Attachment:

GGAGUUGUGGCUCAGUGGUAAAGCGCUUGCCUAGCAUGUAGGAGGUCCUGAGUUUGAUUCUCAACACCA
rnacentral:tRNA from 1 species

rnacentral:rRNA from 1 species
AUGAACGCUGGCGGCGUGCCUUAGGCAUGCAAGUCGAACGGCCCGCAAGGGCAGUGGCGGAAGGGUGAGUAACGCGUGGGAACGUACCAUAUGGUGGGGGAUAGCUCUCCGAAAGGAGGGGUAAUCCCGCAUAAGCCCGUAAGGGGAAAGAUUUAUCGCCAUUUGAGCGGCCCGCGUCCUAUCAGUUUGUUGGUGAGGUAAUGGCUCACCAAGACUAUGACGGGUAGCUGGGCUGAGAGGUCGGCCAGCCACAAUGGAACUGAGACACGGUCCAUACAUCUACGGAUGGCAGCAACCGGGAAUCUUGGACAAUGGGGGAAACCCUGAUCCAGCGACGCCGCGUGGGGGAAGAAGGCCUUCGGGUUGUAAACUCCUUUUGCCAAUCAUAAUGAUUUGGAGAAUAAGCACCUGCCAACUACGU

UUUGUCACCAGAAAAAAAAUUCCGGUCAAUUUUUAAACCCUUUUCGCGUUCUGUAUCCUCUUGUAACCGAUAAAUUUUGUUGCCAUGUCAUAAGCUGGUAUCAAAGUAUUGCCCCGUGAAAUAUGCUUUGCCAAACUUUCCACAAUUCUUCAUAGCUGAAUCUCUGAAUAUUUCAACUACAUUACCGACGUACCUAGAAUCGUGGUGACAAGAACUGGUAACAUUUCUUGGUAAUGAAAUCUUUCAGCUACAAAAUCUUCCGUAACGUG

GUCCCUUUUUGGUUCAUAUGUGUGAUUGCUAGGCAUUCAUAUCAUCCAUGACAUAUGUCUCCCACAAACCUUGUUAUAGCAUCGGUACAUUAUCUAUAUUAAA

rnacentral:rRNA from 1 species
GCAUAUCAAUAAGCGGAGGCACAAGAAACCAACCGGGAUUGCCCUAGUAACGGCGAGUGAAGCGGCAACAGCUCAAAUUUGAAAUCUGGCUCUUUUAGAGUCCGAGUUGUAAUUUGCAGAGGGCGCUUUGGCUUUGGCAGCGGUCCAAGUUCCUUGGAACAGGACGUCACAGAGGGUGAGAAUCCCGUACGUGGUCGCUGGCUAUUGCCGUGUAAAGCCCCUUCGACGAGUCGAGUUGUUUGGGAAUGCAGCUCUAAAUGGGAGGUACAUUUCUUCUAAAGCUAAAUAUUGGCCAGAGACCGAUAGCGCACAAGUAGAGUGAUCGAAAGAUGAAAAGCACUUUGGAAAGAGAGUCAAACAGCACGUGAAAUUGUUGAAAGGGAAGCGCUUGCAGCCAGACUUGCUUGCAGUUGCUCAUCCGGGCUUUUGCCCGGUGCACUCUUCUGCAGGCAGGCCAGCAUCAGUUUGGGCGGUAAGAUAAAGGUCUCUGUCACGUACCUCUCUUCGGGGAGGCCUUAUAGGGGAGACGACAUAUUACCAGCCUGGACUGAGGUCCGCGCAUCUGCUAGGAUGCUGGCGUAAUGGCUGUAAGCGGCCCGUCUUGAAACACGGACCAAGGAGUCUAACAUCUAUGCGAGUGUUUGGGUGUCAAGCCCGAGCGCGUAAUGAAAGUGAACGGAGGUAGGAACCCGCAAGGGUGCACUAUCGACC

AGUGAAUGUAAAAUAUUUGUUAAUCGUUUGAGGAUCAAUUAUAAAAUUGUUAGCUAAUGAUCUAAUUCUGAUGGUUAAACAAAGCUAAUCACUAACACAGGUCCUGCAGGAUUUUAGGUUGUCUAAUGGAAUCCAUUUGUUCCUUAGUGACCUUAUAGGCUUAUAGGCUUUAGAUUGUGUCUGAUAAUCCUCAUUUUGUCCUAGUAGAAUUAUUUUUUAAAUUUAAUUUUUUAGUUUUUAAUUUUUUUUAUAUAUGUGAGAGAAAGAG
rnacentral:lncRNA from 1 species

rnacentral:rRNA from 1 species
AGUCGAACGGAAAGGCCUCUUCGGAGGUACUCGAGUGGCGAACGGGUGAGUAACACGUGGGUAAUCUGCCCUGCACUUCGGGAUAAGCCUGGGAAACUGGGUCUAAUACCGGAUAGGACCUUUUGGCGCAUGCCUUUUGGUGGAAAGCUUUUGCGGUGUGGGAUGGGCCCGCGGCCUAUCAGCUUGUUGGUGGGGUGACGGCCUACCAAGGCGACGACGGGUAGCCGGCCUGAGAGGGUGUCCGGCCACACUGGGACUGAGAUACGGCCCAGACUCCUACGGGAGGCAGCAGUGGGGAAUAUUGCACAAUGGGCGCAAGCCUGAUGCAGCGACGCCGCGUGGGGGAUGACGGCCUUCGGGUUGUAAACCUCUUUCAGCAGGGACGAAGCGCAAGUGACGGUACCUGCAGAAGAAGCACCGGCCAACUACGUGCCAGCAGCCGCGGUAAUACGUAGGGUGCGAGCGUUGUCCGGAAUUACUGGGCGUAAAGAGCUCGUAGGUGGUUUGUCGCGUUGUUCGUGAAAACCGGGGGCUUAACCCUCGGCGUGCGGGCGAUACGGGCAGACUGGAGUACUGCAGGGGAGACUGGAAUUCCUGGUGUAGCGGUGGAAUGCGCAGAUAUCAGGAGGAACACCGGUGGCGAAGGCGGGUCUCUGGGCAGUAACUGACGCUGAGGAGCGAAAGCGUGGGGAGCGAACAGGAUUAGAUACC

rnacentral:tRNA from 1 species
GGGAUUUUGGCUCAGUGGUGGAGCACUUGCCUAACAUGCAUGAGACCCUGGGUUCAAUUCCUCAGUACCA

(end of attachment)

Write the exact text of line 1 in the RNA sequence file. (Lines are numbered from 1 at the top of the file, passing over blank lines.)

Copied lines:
GGAGUUGUGGCUCAGUGGUAAAGCGCUUGCCUAGCAUGUAGGAGGUCCUGAGUUUGAUUCUCAACACCA